What Color is this Gem – really? Commonly Asked Color Questions and Difficult Answers

What Color is this Gem – really? Commonly Asked Color Questions and Difficult Answers

Nature doesn’t make it easy, does it?  Is it a ruby or a sapphire?  Is the Paraiba more greenish or more blueish?  Does the tourmaline have a sooty appearance in indoor lighting?  Is the color change on this garnet complete and does it change from a teal blue to a purple or a teal green to a red?   Does the sapphire have secondary hues of violet or purple?  Does the spinel glow, does it have open color?

As a gemstone seller, I have faced all these questions  and more.  Just last week I got a request for a round matched pair of 5mm gems – seafoam color.  When we finally sorted out what seafoam green meant, I realized I would have called that a lighter teal blue-green, and my idea of seafoam was more greenish than hers (maybe we were thinking of different vacation spots, lol).  Which is fine, there’s lots of disagreement on color names, as is evidenced when you get color samples for repainting your wall at Home Depot or Lowes. 

Does this sapphire have secondary hues of violet?

Seafoam colors, or mint?  Both?

Which, if any, of these tourmalines is seafoam color?

Is this paraiba more greenish or more turquoise?

Do you think this paraiba is blue or turquoise?

GIA has developed a helpful color reference booklet and chart. Below is the link to the booklet: https://www.gia.edu/doc/ColDiaChartBklt.pdf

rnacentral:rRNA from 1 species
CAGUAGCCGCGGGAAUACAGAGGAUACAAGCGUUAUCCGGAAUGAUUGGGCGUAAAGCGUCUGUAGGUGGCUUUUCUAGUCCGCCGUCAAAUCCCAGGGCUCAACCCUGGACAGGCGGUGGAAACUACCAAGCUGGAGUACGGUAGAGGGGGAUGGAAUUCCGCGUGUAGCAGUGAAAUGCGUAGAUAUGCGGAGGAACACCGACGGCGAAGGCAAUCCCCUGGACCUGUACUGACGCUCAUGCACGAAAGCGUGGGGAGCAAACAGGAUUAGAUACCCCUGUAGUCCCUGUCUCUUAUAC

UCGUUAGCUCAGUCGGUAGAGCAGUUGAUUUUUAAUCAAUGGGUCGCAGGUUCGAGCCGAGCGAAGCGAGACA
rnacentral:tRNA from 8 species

Another question I often face is about extinction – this happens at least twice a month, no joke.  How much extinction is there, is it half the stone, or the entire stone, the top half or the bottom..?  All my photos are taken in natural lighting with the light coming from one direction (namely outdoors).  I’ve tried taking photos with the lighting behind the stone but that doesn’t look good.  In order to avoid half of the gem looking dark, I have to go outside in the afternoon, put the stone on my outdoor table with the lighting directly behind me.  But sometimes that provides too much light and no amount of correction fixes it (it’s also rather cold in the winter and we don’t like losing stones in the front yard).  And ANY oval stone (and many pears) will look dark on one side if the light is not directly behind you.  Lightboxes have not worked for me, artificial light doesn’t work for many stones (i.e. mandarin garnet looks washed out, mint garnet looks too gray).  So you make do and hope that your additional description sheds more light onto what the stone looks like – pun intended. This can backfire if the description and the photos are too far apart.  Needless to say we spend oodles of time doing photos and listings, so at times trying to get it just right, especially with cheaper gems, takes more time than I can charge for the gem.  Nobody wants to pay $25 in photography time for a $10 gem.